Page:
Chances are that if you’ve ever googled the words “what is the price of Bitcoin?” that you’ve come across Coinmarketcap. Nearly everyone involved in the cryptosphere coins on the simply-designed website for reliable data on coin valuations, trading volumes, and, well, market caps.
However, not everyone seems to believe that CoinMarketCap is as reliable as it has been presented to be. A man named Andrew Renhack has developed an alternative to good ol’ CMC, spitefully dubbed “Honest Coinmarketcap.”
1/ I spent the afternoon writing a script I call Honest Coinmarketcap. It displays trading volume by coin by USD pairs only(bitfinex excluded as its USDT). Attached are coins ranked by marketcap, listed volume, true volume pic.twitter.com/x7MEy1dD2i
— Andrew Rennhack (@andr3w321) May 12, 2018
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According to a report from Bitcoin.com, Coinmarketcap has come under criticism “due to the way it pulls its data from exchanges, exacerbated by the way these platforms record trading activity.” Rennhack’s platform is very basic–a simple page on Google Sheets–and it’s not entirely clear where he’s gathering his data from, either.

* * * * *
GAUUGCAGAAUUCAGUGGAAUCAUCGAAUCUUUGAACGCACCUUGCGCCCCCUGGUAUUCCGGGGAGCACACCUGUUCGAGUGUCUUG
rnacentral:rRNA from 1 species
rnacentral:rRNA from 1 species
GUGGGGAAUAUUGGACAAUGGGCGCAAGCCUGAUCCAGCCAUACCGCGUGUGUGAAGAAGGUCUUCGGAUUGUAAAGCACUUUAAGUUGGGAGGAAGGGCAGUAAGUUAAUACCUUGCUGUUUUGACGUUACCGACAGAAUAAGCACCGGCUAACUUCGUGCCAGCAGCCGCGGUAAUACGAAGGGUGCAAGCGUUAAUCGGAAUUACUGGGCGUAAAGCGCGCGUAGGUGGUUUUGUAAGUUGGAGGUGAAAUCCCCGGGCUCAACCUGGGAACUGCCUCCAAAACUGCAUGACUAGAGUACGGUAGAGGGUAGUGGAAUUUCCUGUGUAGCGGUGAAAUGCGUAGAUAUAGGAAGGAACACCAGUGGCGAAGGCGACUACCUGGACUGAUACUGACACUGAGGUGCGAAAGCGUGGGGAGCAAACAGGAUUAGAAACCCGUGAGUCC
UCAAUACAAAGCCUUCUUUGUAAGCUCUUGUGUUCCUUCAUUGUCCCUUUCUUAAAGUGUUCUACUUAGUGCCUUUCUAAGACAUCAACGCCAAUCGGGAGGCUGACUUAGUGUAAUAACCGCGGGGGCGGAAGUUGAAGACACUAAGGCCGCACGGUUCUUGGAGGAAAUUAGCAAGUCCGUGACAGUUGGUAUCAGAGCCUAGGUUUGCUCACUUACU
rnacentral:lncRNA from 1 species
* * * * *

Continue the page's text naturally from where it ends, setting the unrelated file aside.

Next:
However, if the data that Rennhack has presented can be believed, then it seems that trading volumes on CoinMarketCap may have been tremendously overstated.
Trading Volumes May be Exaggerated by As Much as 80 Percent
The second tab of the “Honest Coinmarketcap” spreadsheet, which compares fiat volume with Coinmarketcap’s listed volume, claims that Bitcoin’s actual 24-hour trading volume is $1,508,351,500.00, while Coinmarketcap lists it as $8,281,980,000.00, a discrepancy of roughly 80 percent. XRP and BCH trading volumes have reportedly been exaggerated by roughly 40 and 70 percent, respectively.
While it’s not clear if the Honest CMC data can be trusted, CoinDesk reported that Rennhack’s findings fall in line with a past report that revealed that trading volume on some exchanges may have been overinflated by as much as 95 percent.
Still, there are plenty of skeptics: